What do you do when you start making more money? That may seem like a stupid question, but I want you to think about it.
What do you do with your increase? Where do you place your investments?
Today we have banks, safety deposit boxes and the stock market. We have many choices when it comes to storing and/or investing what we’ve earned. But in Jesus’ day, they had barns. As his culture was made up primarily of farmers and ranchers, the barn would have been a prominent fixture in the landscape. So when Jesus wanted to talk about the implications of living with more than enough, he talked about barns:
“The ground of a certain rich man produced a good crop. He thought to himself, ‘What shall I do? I have no place to store my crops.’ “Then he said, ‘This is what I’ll do. I will tear down my barns and build bigger ones, and there I will store all my grain and my goods. And I’ll say to myself, “You have plenty of good things laid up for many years. Take life easy; eat, drink and be merry,”‘ (Luke 12:16-19).
On the surface, this sounds like every entrepreneur’s dream. In this case, the guy is a farmer. His land totally goes wild and yields a bigger harvest than he ever imagined. In order to manage his new harvest, he tears down his barns and builds bigger ones. So far, this sounds like a pretty good business plan. Right? He’s got it made. He’s got enough wealth to last him for years.
There’s only one problem. He had less than eight hours to live: “But God said to him, ‘You fool! This very night your life will be demanded from you. Then who will get what you have prepared for yourself?’ (Luke 12:20).
Okay, I’m not the sharpest tool in the shed, but I’m pretty sure that when God begins a sentence with “You fool,” it can’t be good news. This poor guy had missed it big time. Not only had he wasted his money building barns to hold crops that he would never be able to take to market, but he also had presumed upon God by assuming he had years to live. Both, from God’s standpoint, represent serious lapses in judgment.
But perhaps the farmer’s biggest mistake came at the moment that I call Decision Time. It came when the he realized that his current barns could no longer hold his crops. Jesus shared the farmer’s rather short and one-sided thought process with us. Basically, he gave no thought to any other option other than expanding what he had. That’s the critical moment; that’s decision time.
What do you do when your crops yield significant fruit? What do you do when you have a major financial gain? That’s your critical moment; that’s your decision time.
Almost without exception, people build bigger barns. It’s just our natural, default instinct. If we live in a certain size house–a house that is completely adequate for our family’s needs–and then we come into more money, we either consider an add-on or moving to a larger house. The push is always for more, for larger, for nicer, for bigger barns.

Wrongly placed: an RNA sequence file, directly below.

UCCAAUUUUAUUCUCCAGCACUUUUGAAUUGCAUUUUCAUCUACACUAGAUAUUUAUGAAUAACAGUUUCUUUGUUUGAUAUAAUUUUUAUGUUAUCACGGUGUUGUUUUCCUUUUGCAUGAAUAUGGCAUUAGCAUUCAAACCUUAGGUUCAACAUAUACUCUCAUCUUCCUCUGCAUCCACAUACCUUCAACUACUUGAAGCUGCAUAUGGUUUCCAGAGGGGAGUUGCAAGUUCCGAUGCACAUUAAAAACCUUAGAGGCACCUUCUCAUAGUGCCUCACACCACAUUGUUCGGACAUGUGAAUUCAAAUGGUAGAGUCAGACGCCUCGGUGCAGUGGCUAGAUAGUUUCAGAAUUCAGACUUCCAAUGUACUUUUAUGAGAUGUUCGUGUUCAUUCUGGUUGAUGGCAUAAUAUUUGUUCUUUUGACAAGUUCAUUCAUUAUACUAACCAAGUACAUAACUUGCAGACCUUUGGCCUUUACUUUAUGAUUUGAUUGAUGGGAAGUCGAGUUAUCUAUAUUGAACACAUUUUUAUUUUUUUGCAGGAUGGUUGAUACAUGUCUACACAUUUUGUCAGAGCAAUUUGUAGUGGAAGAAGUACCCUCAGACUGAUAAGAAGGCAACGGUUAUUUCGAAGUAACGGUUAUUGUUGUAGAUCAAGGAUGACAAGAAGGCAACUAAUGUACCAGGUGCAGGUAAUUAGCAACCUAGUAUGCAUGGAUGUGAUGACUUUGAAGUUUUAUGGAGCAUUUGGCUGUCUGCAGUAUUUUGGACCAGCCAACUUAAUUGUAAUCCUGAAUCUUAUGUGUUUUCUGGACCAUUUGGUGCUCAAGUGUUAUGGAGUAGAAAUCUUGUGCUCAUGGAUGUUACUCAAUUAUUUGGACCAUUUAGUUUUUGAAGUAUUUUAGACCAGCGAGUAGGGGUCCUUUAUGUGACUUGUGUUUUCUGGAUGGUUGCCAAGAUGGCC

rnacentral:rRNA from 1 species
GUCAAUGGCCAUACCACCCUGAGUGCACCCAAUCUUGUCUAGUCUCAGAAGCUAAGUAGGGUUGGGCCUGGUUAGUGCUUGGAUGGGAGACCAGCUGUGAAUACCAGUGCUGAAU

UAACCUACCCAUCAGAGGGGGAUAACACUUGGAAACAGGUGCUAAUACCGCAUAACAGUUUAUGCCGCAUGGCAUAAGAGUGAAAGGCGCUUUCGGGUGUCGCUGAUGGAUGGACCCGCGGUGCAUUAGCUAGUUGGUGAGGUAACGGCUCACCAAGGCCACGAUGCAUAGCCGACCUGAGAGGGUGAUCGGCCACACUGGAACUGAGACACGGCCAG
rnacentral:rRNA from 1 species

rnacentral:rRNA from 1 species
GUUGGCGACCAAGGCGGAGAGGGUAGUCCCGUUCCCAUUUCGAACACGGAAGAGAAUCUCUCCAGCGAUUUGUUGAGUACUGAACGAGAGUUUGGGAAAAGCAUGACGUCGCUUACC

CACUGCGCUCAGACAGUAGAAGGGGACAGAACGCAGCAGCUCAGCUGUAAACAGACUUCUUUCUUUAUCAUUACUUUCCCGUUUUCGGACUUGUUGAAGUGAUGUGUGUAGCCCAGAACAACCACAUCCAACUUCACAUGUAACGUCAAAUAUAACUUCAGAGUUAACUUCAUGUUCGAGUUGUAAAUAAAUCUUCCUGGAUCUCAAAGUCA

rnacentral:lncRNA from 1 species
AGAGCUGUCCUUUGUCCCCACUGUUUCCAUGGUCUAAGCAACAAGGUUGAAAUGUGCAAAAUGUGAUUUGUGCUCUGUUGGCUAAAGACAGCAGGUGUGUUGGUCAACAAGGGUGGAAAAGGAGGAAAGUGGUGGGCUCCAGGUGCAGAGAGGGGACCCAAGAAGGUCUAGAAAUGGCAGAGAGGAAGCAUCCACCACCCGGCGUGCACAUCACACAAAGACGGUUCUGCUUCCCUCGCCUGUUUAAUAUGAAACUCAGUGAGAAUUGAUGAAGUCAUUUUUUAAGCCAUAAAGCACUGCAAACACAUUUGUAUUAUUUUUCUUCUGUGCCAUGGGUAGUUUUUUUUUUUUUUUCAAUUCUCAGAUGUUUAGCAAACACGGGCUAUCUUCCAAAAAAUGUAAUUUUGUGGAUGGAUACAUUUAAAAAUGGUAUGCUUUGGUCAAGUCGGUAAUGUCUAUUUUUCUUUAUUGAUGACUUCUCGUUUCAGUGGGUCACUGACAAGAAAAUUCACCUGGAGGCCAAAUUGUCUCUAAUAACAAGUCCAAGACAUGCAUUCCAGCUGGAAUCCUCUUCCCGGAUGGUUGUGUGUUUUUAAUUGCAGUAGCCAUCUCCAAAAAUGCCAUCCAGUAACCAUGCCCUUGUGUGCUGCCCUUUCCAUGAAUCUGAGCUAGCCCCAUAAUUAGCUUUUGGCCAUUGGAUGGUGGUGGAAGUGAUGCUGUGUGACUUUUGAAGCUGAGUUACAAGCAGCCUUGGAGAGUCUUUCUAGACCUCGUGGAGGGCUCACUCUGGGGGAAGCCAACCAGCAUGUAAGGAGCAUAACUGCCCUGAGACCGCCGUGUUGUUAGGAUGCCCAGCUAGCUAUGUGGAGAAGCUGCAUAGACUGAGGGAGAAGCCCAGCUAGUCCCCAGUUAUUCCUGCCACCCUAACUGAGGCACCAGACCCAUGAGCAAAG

By the way, the same is true for churches. Churches will rent a facility or buy a piece of land and build a small building. Then they’ll start having services. God blesses their efforts and they grow. So they add a second service and they continue to grow. Pretty soon, they have so much harvest their barn is no longer adequate to hold it all. So what do they do? They build bigger barns. They tear down what they have and start over; or, they sell their barns and land and they buy more land and build a bigger barn.
And both cases—the individual’s and the church’s–the emphasis becomes having more, being larger, expanding assets and increasing wealth. There’s only one little problem with this strategy: no where in the Bible is a Christian or a church commanded to pursue more material gain. Not once. Never. At all. Did I say no where?
We’ve chosen a personal way of life and a church growth strategy that, simply stated, goes against everything the Bible teaches about stewardship, personal gain and how we disciple people. And this errant strategy is yielding a cheapened form of discipleship, and such failed discipleship is what kills families, churches, and nations.
So I have a simple suggestion: don’t build a bigger barn. When your land yields so much produce that you’re having trouble managing it, just give it away. Instead of investing in a larger house or vacation home or a backyard pool, invest it elsewhere. Declare your current barn to be large enough and then determine that whatever you receive that won’t fit in that barn to be something you don’t intend to keep.
*Want to know more? Read my book Enough. I dare you.